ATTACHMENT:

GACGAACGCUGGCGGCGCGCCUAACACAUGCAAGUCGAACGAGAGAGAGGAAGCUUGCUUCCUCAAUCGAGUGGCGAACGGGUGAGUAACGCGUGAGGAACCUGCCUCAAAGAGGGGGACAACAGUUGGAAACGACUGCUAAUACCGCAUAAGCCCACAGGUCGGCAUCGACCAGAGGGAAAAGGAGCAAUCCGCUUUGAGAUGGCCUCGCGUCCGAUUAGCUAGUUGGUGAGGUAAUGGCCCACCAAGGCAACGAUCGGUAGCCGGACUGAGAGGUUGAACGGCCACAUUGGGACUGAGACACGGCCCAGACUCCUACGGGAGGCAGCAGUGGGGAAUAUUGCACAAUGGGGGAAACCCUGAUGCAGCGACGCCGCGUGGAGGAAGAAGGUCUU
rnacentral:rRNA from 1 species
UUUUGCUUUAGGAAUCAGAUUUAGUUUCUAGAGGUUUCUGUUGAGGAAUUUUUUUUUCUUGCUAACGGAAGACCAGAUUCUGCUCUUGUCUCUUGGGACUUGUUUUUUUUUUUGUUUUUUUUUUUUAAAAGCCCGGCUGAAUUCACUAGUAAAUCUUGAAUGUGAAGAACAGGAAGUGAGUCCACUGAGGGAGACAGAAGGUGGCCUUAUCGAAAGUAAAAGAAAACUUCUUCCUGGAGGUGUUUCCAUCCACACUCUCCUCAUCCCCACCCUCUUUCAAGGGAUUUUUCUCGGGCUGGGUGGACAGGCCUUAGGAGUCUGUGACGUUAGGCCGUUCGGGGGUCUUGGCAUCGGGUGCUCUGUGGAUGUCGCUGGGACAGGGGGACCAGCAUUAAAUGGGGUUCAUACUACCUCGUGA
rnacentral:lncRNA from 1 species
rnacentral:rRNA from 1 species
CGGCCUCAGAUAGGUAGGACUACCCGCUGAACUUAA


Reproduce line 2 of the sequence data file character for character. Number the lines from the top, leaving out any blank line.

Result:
rnacentral:rRNA from 1 species